As many engineers will agree, automation is my best friend at the mixdown stage. Subtle changes to different effects can truly eek out that perfect mix. For example, in busy segments of a track, I automate the level of important elements to make those sounds more prominent than others in the mix. This allows the track to breathe and sound less cluttered. For example, with an important element like a brash stab or percussive loop, I’ll push up its volume by a dB or so when it first enters the track. After that moment, I bring that level back down slightly to keep its natural space alongside the other mix elements. Overall, less is more when it comes to this trick, but simple volume rises and dips really do assist the movement and sonics of the whole song: you can draw your listeners’ attention towards the sounds that have to take centre stage.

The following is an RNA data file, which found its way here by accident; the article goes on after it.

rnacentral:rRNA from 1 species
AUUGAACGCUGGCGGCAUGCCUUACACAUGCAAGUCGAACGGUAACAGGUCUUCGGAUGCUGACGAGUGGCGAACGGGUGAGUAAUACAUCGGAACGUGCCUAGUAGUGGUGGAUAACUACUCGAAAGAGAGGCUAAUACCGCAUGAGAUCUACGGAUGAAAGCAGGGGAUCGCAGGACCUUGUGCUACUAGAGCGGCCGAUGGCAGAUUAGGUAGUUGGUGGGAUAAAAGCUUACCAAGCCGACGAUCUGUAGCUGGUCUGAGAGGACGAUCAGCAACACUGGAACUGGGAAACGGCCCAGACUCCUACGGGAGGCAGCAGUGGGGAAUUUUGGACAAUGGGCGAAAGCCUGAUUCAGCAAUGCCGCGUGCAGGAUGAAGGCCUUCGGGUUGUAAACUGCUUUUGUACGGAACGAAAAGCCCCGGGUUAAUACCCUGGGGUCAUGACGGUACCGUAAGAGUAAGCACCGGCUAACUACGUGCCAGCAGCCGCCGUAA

Depending upon the project, I generally use tons of softsynths, plugins and automation across many MIDI tracks, which can be a major strain on my CPU. Therefore, I like to bounce or render the tracks down to audio once I’m completely happy with the tune in its current state. I’ll then import these audio files back into a brand new version of the project. Alongside this, I keep the original project saved, allowing me to go back into the MIDI arrangement to make changes if needed. This speeds up my workflow, and gives me visual control over the sounds in the session. Plus, I can manipulate things even further – for example, I can chop up audio samples and apply quick clip fades. Over time, it’s also a great way to broaden your sample library, as you can throw these audio clips into a custom folder for later use!